The Category 3 bank must submit a letter to the Tax Division no earlier than July 1, 2014 and no later than October 31, 2014. If a Swiss bank initially believes that it falls under Category 3, but after an internal investigation discovers that it should have instead requested a NPA as a Category 2 bank, the Tax Division may consider whether to grant the bank's request for an NPA so long as the request for such relief is made before October 31, 2014. Relief will be granted at the sole discretion of the Tax Division, but only under "extraordinary circumstances." Moreover, the Tax Division may deny relief if the bank is under criminal investigation, or if the Tax Division has received information concerning wrongful conduct. This may not be known to the bank. Evidence of wrongful conduct may have already been provided to the Tax Division by an account holder who participated in the IRS's OVDP initiative. In addition, the DOJ has declared a moratorium on identifying new banks as criminal targets until January 2014. This means that a bank may miss the deadline to file for relief as a Category 2 bank and be denied Category 3 relief because the bank, unbeknownst to it, was under criminal investigation. Accordingly, both of these factors must be carefully considered before a Swiss bank elects to wait and apply as a Category 3 bank. Because this may leave Swiss banks in a difficult position if they miss the deadline for filing as a Category 2 bank, banks must immediately begin their internal investigation to determine if the bank is culpable under US tax law.

The Tax Division has 270 days from receipt of the independent examiner's report to inform the Swiss Bank whether it is eligible for a Non-Target Letter as a Category 3 bank. The Tax Division may decline to provide a Non-Target Letter to any Swiss bank if it determines that the evidence or information contradicts the report of the independent examiner, or otherwise demonstrates criminal culpability. No penalty is imposed on a Category 3 bank.

The last category, Category 4, covers any Swiss bank that is not under formal criminal investigation and is a "Deemed Compliant Financial Institution" as a "Financial Institution with Local Client Base" under FATCA. A bank requesting a Non-Target Letter as a Category 4 bank must follow the same application time line as a Category 3 bank and include the same information as a Category 3 bank. No penalty is imposed on a Category 4 bank. Also, Category 3 and 4 banks must retain records for 10 years following the signing of a Non-Target Letter.

The decision to participate in the program should not be made lightly. Among the myriad of issues Swiss banks should consider are the following:

  • What are the potential criminal, civil and reputational risks of electing not to participate in the program?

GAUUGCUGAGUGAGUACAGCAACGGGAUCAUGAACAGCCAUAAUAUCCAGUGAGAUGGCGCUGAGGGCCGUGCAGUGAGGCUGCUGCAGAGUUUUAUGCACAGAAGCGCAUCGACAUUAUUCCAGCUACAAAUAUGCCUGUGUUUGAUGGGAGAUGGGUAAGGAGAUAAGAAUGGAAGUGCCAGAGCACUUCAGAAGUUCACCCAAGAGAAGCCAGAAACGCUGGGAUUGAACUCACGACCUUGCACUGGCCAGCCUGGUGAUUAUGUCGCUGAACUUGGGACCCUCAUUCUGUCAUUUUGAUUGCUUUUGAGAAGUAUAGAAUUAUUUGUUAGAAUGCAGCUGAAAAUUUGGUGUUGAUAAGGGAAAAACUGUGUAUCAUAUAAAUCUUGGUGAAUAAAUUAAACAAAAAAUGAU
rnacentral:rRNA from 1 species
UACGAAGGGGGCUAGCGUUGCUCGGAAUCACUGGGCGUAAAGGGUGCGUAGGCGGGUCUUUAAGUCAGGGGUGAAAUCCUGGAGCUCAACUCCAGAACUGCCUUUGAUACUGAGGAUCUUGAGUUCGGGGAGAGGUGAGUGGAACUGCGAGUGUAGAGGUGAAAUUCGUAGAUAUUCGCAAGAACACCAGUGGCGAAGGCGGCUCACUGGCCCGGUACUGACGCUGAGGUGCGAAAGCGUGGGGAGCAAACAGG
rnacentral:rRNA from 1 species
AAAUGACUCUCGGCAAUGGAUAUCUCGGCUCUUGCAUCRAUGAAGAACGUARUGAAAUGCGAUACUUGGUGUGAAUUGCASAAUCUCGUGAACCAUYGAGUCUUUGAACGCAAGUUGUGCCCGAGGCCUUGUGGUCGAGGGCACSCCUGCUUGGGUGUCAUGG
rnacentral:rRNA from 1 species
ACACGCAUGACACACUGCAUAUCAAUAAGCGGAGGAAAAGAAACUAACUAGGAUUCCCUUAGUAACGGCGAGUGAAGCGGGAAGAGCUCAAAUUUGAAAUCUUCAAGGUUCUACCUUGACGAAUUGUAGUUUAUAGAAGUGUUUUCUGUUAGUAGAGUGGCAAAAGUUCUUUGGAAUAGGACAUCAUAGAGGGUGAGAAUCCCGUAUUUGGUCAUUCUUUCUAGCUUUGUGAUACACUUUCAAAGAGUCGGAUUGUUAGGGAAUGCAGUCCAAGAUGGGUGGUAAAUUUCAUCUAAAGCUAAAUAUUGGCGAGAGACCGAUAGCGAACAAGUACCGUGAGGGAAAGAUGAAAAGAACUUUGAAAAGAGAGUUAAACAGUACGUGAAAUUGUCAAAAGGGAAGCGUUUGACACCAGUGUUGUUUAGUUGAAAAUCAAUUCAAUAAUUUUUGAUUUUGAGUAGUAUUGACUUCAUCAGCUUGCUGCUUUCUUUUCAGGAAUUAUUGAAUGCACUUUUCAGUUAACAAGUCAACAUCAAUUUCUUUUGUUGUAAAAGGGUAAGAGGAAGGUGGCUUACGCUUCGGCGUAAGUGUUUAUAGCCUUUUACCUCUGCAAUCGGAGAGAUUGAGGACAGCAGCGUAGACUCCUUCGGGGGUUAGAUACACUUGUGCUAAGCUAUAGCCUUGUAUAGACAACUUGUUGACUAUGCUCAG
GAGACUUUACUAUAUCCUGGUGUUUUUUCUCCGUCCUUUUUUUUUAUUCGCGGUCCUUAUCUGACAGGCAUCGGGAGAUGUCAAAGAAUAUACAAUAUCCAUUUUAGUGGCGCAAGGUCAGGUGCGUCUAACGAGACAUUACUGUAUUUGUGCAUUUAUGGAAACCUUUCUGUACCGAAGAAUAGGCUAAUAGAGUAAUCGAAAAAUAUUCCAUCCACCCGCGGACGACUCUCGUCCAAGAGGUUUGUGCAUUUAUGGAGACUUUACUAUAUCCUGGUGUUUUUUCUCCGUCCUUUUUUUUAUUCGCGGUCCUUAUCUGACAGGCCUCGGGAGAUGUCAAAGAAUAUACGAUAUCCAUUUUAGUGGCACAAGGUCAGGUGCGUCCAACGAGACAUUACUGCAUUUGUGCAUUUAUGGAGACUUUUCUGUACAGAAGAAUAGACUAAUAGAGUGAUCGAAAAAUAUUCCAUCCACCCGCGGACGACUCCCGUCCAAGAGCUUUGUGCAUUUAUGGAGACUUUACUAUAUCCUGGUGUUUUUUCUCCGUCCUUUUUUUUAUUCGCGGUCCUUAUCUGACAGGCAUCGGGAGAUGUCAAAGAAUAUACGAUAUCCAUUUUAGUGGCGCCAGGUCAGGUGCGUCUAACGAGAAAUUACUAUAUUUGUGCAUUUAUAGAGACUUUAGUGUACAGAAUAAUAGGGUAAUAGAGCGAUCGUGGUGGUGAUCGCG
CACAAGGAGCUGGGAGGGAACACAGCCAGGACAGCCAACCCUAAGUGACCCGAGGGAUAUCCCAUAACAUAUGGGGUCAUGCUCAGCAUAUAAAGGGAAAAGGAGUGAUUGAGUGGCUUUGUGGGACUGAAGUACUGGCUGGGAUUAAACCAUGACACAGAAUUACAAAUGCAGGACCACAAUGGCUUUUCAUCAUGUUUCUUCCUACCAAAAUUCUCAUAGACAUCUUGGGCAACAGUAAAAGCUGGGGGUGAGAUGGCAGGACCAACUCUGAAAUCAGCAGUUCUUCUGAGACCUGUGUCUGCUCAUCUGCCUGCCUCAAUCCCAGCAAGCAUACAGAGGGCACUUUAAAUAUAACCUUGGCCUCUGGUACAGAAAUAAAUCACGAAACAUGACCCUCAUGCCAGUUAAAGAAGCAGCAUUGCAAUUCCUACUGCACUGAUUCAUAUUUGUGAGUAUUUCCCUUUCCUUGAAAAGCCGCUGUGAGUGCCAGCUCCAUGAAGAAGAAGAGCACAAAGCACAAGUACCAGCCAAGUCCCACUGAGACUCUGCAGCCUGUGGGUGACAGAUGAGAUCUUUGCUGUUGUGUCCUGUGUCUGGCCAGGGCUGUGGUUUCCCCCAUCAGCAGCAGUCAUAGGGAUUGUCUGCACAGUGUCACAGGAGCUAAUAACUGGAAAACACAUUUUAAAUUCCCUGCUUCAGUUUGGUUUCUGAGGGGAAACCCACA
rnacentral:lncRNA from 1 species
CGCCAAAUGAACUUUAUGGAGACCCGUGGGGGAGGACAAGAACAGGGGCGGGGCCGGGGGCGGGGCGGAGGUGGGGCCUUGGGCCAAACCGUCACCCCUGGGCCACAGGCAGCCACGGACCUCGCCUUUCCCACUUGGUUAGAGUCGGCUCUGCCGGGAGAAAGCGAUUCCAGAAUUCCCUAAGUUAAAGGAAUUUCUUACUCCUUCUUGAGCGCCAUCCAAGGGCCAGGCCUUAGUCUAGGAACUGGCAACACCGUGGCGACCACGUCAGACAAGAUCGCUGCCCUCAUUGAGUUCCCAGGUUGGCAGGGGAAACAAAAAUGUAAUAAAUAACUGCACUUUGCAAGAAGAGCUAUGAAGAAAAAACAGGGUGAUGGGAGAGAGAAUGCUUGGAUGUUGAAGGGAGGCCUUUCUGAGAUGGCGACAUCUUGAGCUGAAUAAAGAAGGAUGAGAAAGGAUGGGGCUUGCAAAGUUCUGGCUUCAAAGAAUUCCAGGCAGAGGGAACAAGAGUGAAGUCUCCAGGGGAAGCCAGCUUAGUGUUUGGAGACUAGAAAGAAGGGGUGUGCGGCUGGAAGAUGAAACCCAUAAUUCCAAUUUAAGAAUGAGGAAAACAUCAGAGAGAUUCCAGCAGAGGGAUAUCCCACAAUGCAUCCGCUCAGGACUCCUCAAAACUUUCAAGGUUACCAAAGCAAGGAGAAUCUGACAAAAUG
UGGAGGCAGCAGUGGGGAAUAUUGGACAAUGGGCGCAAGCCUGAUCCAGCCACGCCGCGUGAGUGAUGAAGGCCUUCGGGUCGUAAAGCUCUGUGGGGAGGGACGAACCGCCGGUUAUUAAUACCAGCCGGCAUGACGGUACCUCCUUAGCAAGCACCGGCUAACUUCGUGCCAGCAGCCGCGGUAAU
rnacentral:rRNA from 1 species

• What evidence should be compiled to determine whether US-related accounts are noncompliant?
  • What are the potential civil penalties associated with those accounts?
  • How should an acceptable plan be formulated to comply with the program requirements?
  • What is the potential risk of filing as a Category 3 bank when the bank is already under investigation by the DOJ?
  • What criteria should be used to select a qualified independent examiner?
  • How should employees and advisors who structured, operated, or supervised the cross-border business be dealt with?
  • How will disclosure impact customer relationships and how can the bank mitigate reptuational risk associated with such disclosure?

Because of the rapidly approaching deadline and the many uncertainties concerning what the Tax Division's state of knowledge of the Swiss bank's operations, banks must promptly commence an internal review, and complete it expeditiously. The deadline for the submission of the Category 2 application is December 31, 2013. The effort to review accounts and prepare the necessary paperwork will be a costly and time consuming exercise, but failure to act quickly and correctly may lead to more severe treatment if no application or the wrong application is filed with the Tax Division. Although far from optimal, the settlement program provides a unique remedial opportunity for Swiss banks to obtain closure of US criminal tax exposure. A Swiss bank that ignores the settlement program may face years of litigation and uncertain reputational, financial and criminal risks.


1 The press release can be found at http://www.justice.gov/iso/opa/resources/7532013829164644664074.pdf.

2 Bank Frey & Co. AG was also the subject of a DOJ criminal investigation. On October 17, 2013, Bank Frey announced that it would cease operations as a bank, citing "unsustainable requirements" that resulted from Switzerland's tax dispute with the United States.